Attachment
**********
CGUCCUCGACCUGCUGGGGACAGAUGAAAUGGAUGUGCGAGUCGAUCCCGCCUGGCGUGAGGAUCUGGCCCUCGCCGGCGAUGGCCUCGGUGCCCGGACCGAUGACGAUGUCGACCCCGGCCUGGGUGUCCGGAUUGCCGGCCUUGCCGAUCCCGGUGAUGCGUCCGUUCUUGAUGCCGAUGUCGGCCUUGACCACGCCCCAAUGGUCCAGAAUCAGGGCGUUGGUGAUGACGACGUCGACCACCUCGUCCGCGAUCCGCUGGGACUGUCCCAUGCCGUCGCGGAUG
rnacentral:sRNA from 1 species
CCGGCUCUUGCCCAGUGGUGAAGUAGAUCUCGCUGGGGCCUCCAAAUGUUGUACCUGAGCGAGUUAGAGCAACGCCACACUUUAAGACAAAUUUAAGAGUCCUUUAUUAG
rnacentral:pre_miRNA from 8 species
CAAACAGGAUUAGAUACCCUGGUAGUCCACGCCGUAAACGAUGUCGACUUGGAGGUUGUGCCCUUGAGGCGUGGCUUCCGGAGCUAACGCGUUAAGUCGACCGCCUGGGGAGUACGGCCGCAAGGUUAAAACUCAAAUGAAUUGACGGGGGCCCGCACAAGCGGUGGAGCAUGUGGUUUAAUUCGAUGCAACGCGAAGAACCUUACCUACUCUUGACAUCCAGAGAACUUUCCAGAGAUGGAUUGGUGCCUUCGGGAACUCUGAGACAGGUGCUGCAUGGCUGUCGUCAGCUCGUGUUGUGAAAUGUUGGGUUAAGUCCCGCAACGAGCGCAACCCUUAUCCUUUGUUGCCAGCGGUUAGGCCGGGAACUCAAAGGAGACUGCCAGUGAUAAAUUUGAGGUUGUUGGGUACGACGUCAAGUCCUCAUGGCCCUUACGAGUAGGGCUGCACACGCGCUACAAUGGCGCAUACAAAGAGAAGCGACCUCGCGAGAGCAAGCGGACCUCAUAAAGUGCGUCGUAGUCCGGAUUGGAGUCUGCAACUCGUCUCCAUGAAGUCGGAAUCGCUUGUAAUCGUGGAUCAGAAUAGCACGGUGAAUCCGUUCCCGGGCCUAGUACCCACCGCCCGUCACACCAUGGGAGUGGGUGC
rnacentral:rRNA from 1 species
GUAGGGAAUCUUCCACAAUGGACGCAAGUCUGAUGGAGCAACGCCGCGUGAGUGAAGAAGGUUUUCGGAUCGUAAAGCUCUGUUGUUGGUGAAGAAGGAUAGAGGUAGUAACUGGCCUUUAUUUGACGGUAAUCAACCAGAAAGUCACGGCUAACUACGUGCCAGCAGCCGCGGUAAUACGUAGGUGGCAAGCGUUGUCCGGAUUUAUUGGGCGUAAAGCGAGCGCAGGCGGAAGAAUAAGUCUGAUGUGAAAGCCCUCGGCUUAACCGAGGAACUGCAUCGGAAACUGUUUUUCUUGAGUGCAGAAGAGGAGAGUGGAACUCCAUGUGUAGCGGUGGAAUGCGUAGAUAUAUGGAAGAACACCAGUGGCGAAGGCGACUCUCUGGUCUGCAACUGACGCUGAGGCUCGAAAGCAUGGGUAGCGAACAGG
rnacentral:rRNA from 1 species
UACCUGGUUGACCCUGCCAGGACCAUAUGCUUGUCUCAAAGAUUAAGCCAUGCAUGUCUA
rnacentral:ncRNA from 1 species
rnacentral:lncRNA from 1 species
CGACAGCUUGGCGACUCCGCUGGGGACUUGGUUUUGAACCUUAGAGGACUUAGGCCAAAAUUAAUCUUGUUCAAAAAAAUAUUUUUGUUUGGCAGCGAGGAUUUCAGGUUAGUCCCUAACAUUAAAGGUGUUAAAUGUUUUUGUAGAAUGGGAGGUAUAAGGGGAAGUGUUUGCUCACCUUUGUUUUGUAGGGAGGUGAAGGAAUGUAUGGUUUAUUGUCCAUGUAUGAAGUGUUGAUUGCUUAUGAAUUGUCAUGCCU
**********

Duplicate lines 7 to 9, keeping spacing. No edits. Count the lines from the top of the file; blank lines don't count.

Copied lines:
GUAGGGAAUCUUCCACAAUGGACGCAAGUCUGAUGGAGCAACGCCGCGUGAGUGAAGAAGGUUUUCGGAUCGUAAAGCUCUGUUGUUGGUGAAGAAGGAUAGAGGUAGUAACUGGCCUUUAUUUGACGGUAAUCAACCAGAAAGUCACGGCUAACUACGUGCCAGCAGCCGCGGUAAUACGUAGGUGGCAAGCGUUGUCCGGAUUUAUUGGGCGUAAAGCGAGCGCAGGCGGAAGAAUAAGUCUGAUGUGAAAGCCCUCGGCUUAACCGAGGAACUGCAUCGGAAACUGUUUUUCUUGAGUGCAGAAGAGGAGAGUGGAACUCCAUGUGUAGCGGUGGAAUGCGUAGAUAUAUGGAAGAACACCAGUGGCGAAGGCGACUCUCUGGUCUGCAACUGACGCUGAGGCUCGAAAGCAUGGGUAGCGAACAGG
rnacentral:rRNA from 1 species
UACCUGGUUGACCCUGCCAGGACCAUAUGCUUGUCUCAAAGAUUAAGCCAUGCAUGUCUA